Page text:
Did that get your attention? It should have, because that motion with the flags in that position is the internationally designated semaphore signal for “Attention!” It also means “Error,” but we can skip that for now.
Semaphore flags are the end result of a signaling system developed in the late 1600s by Robert Hooke (of microscope fame). He presented it to the Royal Society, but they failed to do anything with it. A century later, it was adapted and used by Claude Chappe in France, eventually covering much of the country and allowing for very rapid transmission of information across vast distances.
Chappe’s design was a tower with a large crossbar at the top, with arms at either end that each could be arranged in seven different positions. The crossbar itself could assume four different positions, allowing for a total of 196 different configurations. This allowed for a sophisticated system of phrases and messages to be sent to another tower within extreme visual distance, which would then copy it, allowing the next tower to copy it, and so on.
These towers were so successful that the French government initially rejected Samuel Morse’s telegraph on the basis that the wires could be too easily cut. Eventually, of course, they fell out of favor, largely because they were pretty much useless at night, and when they could be seen, everyone could see them, so secret signals were suddenly no longer as much so.
Before that time, though, they inspired the development of the smaller version used shipboard to great effect. Those were flags, and that’s why we’re here.
Semaphore flags are (if on a ship) red and yellow or (if on land) blue and white. The colors are split diagonally with the red hoist-side and on top. (Although the colors don’t matter: the land-based version is blue with a white square in the center. It’s just to make the arm position more obvious.)
The arm position is what gives the letter – or numeral, depending on what you need to signal. The flags do not overlap unless they are in the “rest” or “space” position, in which case they are directly in front of the signaler with both arms straight down. The alphabet is laid out similarly to a wheel: each arm can take one of eight positions, and the combination of the positions of the two arms denotes the letter. Six of the letters require an arm to be brought across the body so the flags are on the same side, and there is a unique signal to denote that the signaler is switching to numbers. (The switch back to letters is denoted by signaling “J”.)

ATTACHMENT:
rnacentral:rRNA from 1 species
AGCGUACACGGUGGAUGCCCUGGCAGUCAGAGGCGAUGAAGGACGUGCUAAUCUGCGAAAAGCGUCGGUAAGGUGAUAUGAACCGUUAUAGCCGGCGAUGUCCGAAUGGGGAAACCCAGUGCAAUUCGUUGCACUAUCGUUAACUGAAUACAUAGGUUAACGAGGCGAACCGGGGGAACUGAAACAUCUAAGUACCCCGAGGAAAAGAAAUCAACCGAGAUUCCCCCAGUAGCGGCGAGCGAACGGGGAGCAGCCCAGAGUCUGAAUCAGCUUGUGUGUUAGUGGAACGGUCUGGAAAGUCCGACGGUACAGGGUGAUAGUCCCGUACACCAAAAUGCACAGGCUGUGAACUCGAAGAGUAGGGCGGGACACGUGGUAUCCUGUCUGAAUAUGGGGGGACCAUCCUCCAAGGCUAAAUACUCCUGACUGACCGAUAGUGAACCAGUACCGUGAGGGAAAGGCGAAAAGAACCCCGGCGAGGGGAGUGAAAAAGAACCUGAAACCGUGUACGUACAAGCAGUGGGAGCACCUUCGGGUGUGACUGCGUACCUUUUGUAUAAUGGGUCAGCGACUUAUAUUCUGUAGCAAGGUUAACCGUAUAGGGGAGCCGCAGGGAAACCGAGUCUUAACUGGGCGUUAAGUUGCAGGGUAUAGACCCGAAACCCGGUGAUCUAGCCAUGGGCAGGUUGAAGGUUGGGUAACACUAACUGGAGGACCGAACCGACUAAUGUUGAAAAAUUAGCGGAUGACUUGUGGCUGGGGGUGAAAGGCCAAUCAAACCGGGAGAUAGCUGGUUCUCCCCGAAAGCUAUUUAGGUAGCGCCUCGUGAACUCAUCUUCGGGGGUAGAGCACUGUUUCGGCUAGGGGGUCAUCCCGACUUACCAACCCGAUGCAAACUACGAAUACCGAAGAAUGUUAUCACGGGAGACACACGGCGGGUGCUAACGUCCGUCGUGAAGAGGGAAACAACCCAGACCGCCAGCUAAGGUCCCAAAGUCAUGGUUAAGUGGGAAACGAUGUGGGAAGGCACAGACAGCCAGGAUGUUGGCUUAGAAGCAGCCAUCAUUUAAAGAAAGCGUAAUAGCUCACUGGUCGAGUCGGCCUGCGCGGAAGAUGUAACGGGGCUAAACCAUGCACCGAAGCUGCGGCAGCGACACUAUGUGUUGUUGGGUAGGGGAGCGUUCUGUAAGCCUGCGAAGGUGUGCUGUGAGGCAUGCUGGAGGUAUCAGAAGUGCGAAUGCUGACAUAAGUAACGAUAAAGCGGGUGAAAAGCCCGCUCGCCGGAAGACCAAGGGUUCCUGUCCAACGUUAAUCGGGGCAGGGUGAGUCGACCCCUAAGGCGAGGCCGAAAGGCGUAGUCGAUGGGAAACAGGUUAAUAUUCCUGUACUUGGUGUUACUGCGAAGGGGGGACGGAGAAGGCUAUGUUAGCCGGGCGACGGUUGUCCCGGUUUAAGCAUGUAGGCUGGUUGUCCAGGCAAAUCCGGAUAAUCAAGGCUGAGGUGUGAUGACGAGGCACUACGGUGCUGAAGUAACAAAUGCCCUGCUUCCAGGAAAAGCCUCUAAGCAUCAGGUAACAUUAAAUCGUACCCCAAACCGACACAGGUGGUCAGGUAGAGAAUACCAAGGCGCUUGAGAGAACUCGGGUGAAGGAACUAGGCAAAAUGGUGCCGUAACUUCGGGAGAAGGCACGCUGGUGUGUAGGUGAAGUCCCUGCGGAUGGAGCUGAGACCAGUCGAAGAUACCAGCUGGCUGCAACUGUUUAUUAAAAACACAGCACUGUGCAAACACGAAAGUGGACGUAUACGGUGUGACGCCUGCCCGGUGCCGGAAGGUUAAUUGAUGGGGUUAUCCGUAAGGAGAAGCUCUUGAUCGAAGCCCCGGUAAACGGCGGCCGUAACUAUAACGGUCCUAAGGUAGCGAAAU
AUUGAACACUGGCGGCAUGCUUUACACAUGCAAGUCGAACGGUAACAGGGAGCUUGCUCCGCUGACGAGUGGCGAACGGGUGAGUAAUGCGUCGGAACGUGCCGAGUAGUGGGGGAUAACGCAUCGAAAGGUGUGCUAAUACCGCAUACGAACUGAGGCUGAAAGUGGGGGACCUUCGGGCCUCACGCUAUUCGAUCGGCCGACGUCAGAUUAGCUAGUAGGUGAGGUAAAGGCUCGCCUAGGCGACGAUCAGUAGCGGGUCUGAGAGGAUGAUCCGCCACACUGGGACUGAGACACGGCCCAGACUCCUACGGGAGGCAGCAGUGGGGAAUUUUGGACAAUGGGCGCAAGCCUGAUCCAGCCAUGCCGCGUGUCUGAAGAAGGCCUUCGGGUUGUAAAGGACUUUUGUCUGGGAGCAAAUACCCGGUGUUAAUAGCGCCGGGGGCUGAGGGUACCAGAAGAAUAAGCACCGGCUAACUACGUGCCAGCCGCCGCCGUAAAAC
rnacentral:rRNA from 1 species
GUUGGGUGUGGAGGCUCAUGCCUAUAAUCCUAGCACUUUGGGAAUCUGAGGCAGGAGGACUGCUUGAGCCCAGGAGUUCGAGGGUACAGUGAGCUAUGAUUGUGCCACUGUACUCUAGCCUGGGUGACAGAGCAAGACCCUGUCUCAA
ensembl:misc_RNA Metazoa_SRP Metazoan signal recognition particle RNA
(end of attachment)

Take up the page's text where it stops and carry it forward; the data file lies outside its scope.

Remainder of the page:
Starting in the rest position with both flags in the down position, the right arm rising to low gives “A”, and rises a quarter-rotation for B, C, and D. Then the right arm drops back to down, the left arm goes to the high position for “E” and follows down to “G”.
Easy enough, right? Then “H” is done by the right hand being straight out and the left hand going across to the low position underneath. Keep your left hand there for “I” while raising the right hand up to the high position. Skip “J” for now; “K” continues the same circle except for convenience’s sake you swap arms. That is to say, right hand in the low position, left hand in the up position. “L” through “N” continue the sweep, then you move your right hand up one more to straight out and cross your left hand over again. Then the pattern continues – it’s actually much easier than it sounds from just reading it.
We did imply we would come back to “J”. That’s a unique position where your right hand is straight up and your left hand is straight out. This may seem odd, but it’s a consequence of assigning numbers to the first series of letters; the signal to switch back has to be significantly different so the intent is clear.
Semaphore is not outdated quite yet; it has significant use as a quick signaling system for areas – such as in the mountains or onboard ship – where visual clarity is good but the distance between participants may be too great for verbal clarity. The Royal Canadian Mounted Police have used it (without flags, unfortunately) for years in such situations.
Of course, the most famous use of semaphore is probably Monty Python’s depiction of the classic British pastime of reciting Wuthering Heights completely in semaphore, as Emily Bronte probably originally wished.